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Crimes by GIís down by 50% in Okinawa

Date Posted: 2005-02-25

U.S. service members stationed on Okinawa committed about half the crimes in 2004 as in the prior year.

A new report says 72 individuals assigned as part of the U.S. forces, were arrested or are now facing criminal charges in connection with 59 crimes. Those individuals are a combination of servicemen, civilians working on the bases, and family members.

Okinawa Prefectural Police say the crime count in 2003 was 112, 53 higher than last year.

Several theories are accounting for the decrease. One factor contributing to the decline in the number of crimes committed by U.S. soldiers was a crime preventive program implemented by the Marine Corps. Marines below certain ranks have been banned from going out from their bases between midnight and 5 a.m. since June last year.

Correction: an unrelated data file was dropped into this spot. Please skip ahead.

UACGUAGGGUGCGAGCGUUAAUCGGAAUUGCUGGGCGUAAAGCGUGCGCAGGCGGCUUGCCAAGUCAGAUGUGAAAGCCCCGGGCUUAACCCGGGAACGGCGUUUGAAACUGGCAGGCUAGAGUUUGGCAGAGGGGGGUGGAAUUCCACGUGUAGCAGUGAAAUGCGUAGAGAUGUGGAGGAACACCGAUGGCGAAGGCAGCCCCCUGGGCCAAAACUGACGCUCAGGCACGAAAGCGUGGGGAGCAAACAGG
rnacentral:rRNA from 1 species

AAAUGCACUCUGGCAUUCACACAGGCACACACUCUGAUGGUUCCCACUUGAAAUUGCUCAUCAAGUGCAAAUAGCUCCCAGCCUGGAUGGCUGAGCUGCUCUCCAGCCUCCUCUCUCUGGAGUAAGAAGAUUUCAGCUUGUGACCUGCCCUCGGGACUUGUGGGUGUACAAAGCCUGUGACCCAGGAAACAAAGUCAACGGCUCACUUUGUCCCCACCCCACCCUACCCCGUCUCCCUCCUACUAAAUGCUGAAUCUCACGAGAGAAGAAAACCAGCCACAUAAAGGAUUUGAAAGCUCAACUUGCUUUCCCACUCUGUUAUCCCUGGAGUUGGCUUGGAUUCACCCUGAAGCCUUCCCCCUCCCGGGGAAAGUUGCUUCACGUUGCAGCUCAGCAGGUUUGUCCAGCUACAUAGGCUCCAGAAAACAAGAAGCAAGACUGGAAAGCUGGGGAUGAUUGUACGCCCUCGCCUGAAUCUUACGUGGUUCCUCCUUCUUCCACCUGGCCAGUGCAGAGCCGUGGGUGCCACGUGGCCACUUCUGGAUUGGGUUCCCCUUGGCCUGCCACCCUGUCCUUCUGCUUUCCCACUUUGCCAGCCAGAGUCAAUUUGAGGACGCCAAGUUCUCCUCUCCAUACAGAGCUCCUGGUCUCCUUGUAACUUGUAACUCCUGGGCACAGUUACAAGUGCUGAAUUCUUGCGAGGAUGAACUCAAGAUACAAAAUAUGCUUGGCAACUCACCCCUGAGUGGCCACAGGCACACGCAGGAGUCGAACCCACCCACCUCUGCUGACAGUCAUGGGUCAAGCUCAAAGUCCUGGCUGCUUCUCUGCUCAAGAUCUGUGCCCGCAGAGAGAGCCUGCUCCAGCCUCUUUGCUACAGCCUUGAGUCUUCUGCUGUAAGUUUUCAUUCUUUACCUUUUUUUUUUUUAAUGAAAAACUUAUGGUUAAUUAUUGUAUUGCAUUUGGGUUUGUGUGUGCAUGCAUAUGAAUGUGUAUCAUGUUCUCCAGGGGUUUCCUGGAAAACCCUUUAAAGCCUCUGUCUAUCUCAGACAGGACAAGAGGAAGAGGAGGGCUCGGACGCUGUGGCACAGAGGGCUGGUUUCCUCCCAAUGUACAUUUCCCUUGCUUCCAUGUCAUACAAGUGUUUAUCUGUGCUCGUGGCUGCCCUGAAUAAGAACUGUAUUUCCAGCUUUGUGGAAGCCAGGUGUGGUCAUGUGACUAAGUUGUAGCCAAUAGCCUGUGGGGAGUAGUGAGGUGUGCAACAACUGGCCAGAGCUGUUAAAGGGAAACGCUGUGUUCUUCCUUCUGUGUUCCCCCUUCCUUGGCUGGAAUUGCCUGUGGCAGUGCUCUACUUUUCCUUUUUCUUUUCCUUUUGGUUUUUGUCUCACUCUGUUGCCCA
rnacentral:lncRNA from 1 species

The other significant factor was fewer GIís on the island. Thousands of military personnel have been deployed to Iraq, Afghanistan and other temporary duty points during the year. In 2004, a total of 72 people - American servicemen, workers at bases, and their family members - were arrested or faced charges for committing 59 crimes in the southernmost prefecture.

About one third of the 16,000 U.S. Marines based in Okinawa have now been sent to Iraq, and more than 40 of 56 helicopters were mobilized to Iraq from Futenma Air Station.

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